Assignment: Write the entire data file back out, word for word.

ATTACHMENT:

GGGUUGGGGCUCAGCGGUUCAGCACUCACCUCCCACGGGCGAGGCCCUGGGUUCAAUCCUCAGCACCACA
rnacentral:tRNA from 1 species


GGGUUGGGGCUCAGCGGUUCAGCACUCACCUCCCACGGGCGAGGCCCUGGGUUCAAUCCUCAGCACCACA
rnacentral:tRNA from 1 species